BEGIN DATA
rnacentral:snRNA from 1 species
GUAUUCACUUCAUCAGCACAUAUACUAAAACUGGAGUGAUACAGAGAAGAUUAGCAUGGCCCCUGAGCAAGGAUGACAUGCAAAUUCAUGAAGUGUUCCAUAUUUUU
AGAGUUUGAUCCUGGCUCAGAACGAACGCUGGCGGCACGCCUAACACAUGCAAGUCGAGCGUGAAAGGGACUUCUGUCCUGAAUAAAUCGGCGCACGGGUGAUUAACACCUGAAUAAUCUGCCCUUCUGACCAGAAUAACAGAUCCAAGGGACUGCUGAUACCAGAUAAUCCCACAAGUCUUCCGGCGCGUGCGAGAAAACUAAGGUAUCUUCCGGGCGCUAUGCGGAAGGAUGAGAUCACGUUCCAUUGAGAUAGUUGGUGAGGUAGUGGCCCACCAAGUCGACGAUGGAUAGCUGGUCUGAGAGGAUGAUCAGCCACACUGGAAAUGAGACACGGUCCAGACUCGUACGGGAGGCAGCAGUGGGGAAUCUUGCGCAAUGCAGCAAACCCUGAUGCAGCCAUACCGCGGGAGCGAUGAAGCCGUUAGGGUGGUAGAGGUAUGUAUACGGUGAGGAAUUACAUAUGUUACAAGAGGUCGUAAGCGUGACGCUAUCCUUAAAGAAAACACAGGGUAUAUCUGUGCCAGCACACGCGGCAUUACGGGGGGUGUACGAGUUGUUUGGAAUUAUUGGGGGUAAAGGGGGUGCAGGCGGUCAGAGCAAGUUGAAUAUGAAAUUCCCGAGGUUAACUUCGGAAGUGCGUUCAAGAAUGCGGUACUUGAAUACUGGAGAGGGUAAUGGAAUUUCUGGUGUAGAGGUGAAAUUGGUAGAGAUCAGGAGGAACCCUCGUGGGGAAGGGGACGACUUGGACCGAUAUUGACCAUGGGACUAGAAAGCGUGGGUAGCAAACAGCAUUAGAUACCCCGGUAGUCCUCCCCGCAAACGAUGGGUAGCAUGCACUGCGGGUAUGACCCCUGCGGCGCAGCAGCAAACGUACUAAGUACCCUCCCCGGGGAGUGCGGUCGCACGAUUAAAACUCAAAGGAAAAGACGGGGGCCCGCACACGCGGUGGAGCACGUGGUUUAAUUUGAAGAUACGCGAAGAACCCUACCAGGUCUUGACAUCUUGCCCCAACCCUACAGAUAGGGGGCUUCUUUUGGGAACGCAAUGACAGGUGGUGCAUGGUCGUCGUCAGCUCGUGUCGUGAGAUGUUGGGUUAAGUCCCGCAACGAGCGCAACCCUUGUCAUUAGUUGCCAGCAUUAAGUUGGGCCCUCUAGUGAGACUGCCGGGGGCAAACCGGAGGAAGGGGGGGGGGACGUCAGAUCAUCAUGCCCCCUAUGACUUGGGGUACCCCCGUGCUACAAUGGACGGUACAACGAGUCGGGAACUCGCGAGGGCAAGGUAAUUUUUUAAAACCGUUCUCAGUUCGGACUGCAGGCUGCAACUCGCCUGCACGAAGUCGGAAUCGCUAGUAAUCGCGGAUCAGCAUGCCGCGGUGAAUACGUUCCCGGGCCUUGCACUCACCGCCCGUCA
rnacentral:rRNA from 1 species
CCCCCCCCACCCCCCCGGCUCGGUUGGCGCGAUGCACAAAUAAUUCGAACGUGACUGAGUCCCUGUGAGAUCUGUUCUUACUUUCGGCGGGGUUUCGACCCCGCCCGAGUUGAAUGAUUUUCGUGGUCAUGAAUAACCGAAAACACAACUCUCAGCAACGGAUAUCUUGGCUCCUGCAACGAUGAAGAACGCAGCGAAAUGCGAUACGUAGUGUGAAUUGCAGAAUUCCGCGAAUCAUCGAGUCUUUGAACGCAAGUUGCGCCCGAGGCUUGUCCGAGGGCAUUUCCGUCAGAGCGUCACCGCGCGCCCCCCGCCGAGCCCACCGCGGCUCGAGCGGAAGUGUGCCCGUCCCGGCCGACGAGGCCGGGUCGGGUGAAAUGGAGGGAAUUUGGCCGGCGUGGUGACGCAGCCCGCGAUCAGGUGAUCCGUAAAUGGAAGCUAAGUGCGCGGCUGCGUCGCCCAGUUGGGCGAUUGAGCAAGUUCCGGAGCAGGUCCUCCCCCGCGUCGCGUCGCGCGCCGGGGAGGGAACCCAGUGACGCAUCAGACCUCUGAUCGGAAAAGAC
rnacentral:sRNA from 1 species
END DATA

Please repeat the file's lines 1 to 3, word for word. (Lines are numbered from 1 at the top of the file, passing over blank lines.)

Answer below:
rnacentral:snRNA from 1 species
GUAUUCACUUCAUCAGCACAUAUACUAAAACUGGAGUGAUACAGAGAAGAUUAGCAUGGCCCCUGAGCAAGGAUGACAUGCAAAUUCAUGAAGUGUUCCAUAUUUUU
AGAGUUUGAUCCUGGCUCAGAACGAACGCUGGCGGCACGCCUAACACAUGCAAGUCGAGCGUGAAAGGGACUUCUGUCCUGAAUAAAUCGGCGCACGGGUGAUUAACACCUGAAUAAUCUGCCCUUCUGACCAGAAUAACAGAUCCAAGGGACUGCUGAUACCAGAUAAUCCCACAAGUCUUCCGGCGCGUGCGAGAAAACUAAGGUAUCUUCCGGGCGCUAUGCGGAAGGAUGAGAUCACGUUCCAUUGAGAUAGUUGGUGAGGUAGUGGCCCACCAAGUCGACGAUGGAUAGCUGGUCUGAGAGGAUGAUCAGCCACACUGGAAAUGAGACACGGUCCAGACUCGUACGGGAGGCAGCAGUGGGGAAUCUUGCGCAAUGCAGCAAACCCUGAUGCAGCCAUACCGCGGGAGCGAUGAAGCCGUUAGGGUGGUAGAGGUAUGUAUACGGUGAGGAAUUACAUAUGUUACAAGAGGUCGUAAGCGUGACGCUAUCCUUAAAGAAAACACAGGGUAUAUCUGUGCCAGCACACGCGGCAUUACGGGGGGUGUACGAGUUGUUUGGAAUUAUUGGGGGUAAAGGGGGUGCAGGCGGUCAGAGCAAGUUGAAUAUGAAAUUCCCGAGGUUAACUUCGGAAGUGCGUUCAAGAAUGCGGUACUUGAAUACUGGAGAGGGUAAUGGAAUUUCUGGUGUAGAGGUGAAAUUGGUAGAGAUCAGGAGGAACCCUCGUGGGGAAGGGGACGACUUGGACCGAUAUUGACCAUGGGACUAGAAAGCGUGGGUAGCAAACAGCAUUAGAUACCCCGGUAGUCCUCCCCGCAAACGAUGGGUAGCAUGCACUGCGGGUAUGACCCCUGCGGCGCAGCAGCAAACGUACUAAGUACCCUCCCCGGGGAGUGCGGUCGCACGAUUAAAACUCAAAGGAAAAGACGGGGGCCCGCACACGCGGUGGAGCACGUGGUUUAAUUUGAAGAUACGCGAAGAACCCUACCAGGUCUUGACAUCUUGCCCCAACCCUACAGAUAGGGGGCUUCUUUUGGGAACGCAAUGACAGGUGGUGCAUGGUCGUCGUCAGCUCGUGUCGUGAGAUGUUGGGUUAAGUCCCGCAACGAGCGCAACCCUUGUCAUUAGUUGCCAGCAUUAAGUUGGGCCCUCUAGUGAGACUGCCGGGGGCAAACCGGAGGAAGGGGGGGGGGACGUCAGAUCAUCAUGCCCCCUAUGACUUGGGGUACCCCCGUGCUACAAUGGACGGUACAACGAGUCGGGAACUCGCGAGGGCAAGGUAAUUUUUUAAAACCGUUCUCAGUUCGGACUGCAGGCUGCAACUCGCCUGCACGAAGUCGGAAUCGCUAGUAAUCGCGGAUCAGCAUGCCGCGGUGAAUACGUUCCCGGGCCUUGCACUCACCGCCCGUCA